Paper and Stones

As I sit in a cafe in the central plaza of Brussels, I try to imagine what it was like in its peak, when all these gold laced buildings were utilized for their original purposes.
A connoisseur of empathy, I close my eyes. I use images I saw at a museum the other day to visualize being born as a daughter of a filthy rich Flemish couple. I tried to imagine waking up, opening the windows, and welcoming a town hall meeting upon my day, or watching as people come to pick up their biweekly loaf of bread. These diamond glossed women carried out their lives only 30 feet above the spot I’m sitting in now.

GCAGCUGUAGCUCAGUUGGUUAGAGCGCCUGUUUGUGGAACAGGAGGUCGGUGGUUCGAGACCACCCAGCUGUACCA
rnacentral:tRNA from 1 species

I am trying to seriously grasp the feeling that I, or anyone, could consider it truthful that they deserved to own that much gold.
I cannot fathom holding such an elite status.

I don’t really need to pull myself that far back in time to feel such disbelief though. Even today, I cannot imagine owning a Prada purse, or having someone slip a diamond ring the size of a rock onto my finger.
First of all, my parents friends used to hide their valuables when I came over. Not because they thought I would steal them, but because I would probably break them. Despite that, I cannot even imagine thinking I deserve anything supposedly worth so much.

I don’t even desire these material goods, but I know how exciting it is when you find red Dr. Marten boots at a Goodwill for only $25.
And as I sit here today in the heart of Brussels, I am glad; I am seated in front of yet another palace turned into a museum over time. Maybe one day, a girl thirty years younger than me, hunting for interview clothing at a women’s resource center, will find a pair of Gucci pants that I used to own.
— Sophie Rabb